Love in Transition


You could more easily catch a hurricane in a shrimp net than you can understand the wild, relentless, passionate, uncompromising, pursuing love of God made present in the manger.” Brennan Manning

Transition. It’s part of life. As someone who is easily unsettled (more so than I would like to admit) by change, transition often feels more like a necessary evil than a natural occurrence that (most often) serves our greater good.

2023 has been filled with change and transition and 2024 promises to very much be a new year – a year of newness. There is goodness in that but it also brings a wide range of varying emotions. And for me, when it comes to change and transition, the most common, overarching emotion is fear. However, 1 John 4:18 tells us that fear is conquered and replaced by perfect love.

God in his goodness and commitment to my growth, has used the changes and transitions of this past year to teach me much about him, about myself, about fear – about love.

Love,” you think, “that’s nice.” Or you might say “sweet, lovely“, associating it with warm, cosy feelings. But the love I am talking about is the love referred to in the quote above by the late Brennan Manning. It is anything but nice and cosy. The love that the lessons of transition have been teaching me is frightening in its strength, its wildness, its unyieldingness – and most of all, because both to receive it and to give it, requires a risky vulnerability that counters every natural instinct that is instilled within us for our survival.

I have watched this year, in both my own life and in the lives of those I hold dear, this wild, pursuing, unrelenting, uncompromising, steadfast, passionate, dare I say utterly reckless, love of God scaling walls, knocking walls down, renewing minds and transforming hearts. It has entered into the darkest of places and its light has not been overcome but has instead exposed and overturned lies, breaking the power of fear and shame, re-establishing true identities as children of God.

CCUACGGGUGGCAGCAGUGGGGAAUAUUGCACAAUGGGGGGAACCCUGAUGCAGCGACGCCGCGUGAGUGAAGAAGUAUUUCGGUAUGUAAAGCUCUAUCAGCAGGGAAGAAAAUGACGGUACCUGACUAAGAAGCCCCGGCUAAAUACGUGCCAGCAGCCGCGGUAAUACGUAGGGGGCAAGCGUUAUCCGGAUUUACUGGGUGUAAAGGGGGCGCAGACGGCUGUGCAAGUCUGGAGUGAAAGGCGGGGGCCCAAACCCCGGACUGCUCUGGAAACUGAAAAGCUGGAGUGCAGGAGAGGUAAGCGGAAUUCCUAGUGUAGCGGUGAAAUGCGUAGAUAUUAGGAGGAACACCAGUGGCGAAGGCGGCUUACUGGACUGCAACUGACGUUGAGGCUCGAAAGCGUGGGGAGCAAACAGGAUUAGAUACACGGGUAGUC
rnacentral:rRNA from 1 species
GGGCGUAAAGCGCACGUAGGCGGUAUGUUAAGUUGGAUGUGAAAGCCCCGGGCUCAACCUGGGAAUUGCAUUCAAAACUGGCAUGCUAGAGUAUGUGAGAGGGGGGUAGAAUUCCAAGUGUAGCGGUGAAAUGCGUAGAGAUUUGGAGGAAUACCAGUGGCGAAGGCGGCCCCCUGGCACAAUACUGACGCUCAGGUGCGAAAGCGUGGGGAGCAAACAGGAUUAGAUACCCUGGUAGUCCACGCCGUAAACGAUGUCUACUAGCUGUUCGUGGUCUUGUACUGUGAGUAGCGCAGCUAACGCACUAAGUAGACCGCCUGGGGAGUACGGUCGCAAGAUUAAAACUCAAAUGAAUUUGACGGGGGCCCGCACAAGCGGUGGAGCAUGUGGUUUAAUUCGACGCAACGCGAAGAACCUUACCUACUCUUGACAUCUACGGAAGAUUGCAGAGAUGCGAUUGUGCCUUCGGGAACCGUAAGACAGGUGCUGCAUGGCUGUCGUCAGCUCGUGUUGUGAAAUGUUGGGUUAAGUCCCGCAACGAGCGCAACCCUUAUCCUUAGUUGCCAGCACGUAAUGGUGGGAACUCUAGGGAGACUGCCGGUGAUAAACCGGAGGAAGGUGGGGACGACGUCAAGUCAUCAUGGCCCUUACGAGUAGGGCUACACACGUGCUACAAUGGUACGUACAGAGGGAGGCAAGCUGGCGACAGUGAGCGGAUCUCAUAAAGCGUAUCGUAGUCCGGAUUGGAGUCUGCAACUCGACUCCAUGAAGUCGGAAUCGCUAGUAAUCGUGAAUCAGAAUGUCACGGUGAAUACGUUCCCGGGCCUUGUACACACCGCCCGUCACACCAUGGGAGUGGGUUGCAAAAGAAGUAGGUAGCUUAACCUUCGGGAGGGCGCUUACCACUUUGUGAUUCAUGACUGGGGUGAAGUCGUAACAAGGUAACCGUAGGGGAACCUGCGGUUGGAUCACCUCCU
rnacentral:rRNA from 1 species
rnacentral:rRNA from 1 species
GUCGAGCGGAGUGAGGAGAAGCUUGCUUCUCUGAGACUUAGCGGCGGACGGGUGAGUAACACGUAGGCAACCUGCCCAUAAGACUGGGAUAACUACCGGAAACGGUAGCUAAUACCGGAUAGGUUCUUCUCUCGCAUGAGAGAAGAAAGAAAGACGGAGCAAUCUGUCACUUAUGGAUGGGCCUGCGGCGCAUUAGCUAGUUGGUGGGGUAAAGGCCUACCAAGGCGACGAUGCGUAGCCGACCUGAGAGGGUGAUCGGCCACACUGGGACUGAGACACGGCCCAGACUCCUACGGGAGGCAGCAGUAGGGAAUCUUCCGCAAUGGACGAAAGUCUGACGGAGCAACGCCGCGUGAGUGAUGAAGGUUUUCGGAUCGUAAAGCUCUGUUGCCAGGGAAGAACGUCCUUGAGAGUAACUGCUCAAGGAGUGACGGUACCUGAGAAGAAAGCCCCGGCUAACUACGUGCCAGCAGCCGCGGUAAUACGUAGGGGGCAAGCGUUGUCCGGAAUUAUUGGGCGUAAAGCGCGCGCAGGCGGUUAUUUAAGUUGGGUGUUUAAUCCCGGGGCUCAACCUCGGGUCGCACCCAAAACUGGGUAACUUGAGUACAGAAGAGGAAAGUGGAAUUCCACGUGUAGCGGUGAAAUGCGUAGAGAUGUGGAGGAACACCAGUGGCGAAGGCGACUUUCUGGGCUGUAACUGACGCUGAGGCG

Yet the mystery is this – for all its power, this love of God is unable to accomplish this kind of transformation until we choose to open our hearts to him and trust that we are loved, even when every feeling and emotion tells us differently. In other words, we have to make ourselves vulnerable to him, we have to risk vulnerability. And the other side of this mystery is that, more often than not, to see this kind of transformation in others, we must risk the vulnerability of loving like Jesus loves. Sometimes, maybe even most of the time, God chooses to channel this wild, passionate, pursuing, relentless, uncompromising love through us humans if we are willing, if like Mary we say, “Here am I, the servant of the Lord; let it be with me according to your word.”

Have you ever considered the risky vulnerability that Jesus willingly stepped into out of love for you and I by choosing to come into this world the same way all of us have – as a wee bairn – to dwell with us in the midst of our mess, our chaos, our pain, our suffering, our brokenness? There is nothing more physically vulnerable than an infant. And the One who has no beginning and no end, who knows all, sees all, who created all, who is all-powerful chose to become a helpless infant who is physically unable to care for itself, to think or process, to identify emotions, to communicate its needs and wants but is utterly dependant in every way. What sort of love would willingly, uncompromisingly choose that level of vulnerability? A love that bewilders and undoes human understanding and defies human logic and wisdom.

This is the love he invites us to risk the vulnerability of trust and open hearts for, that we might receive it and be transformed by it. And this is the love he invites us to risk the vulnerability of hope and open hearts for, that we might give it to others and partner with him in their transformation. He invites us to be like Mary, to carry and nurture and give birth to the Love that displaces fear, comes right into people’s darkness and brokenness, overturns lies and brings them into the fullness of his light.

What most frightens us as receivers of this love, I think, is the relinquishment of control. It requires that we become like a baby who can do nothing to acquire love but by its simple existence it is adored and deemed precious. Yet receiving this love promises freedom from that fear that seeks to control and oppress us.

And what most frightens us givers of this love, I think, is that instinctively, we know it can mean sharing in his suffering as we risk disappointment and rejection. Yet it also promises great joy – the same “joy that was set before Him” (Hebrews 12:2).

So if you find yourself in a season of change or transition and the fear is loud and real, dare to open your heart to love, to risk vulnerability, whether he is inviting you to receive his love or become a carrier and birther of his love. Follow the examples of Jesus and of his mother Mary (who knew change and transition in a much deeper way than most of us ever will) and choose vulnerability. You just might end up bearing witness to the transforming power of love that is wild, relentless, passionate, uncompromising, pursuing and dare I say, utterly reckless.

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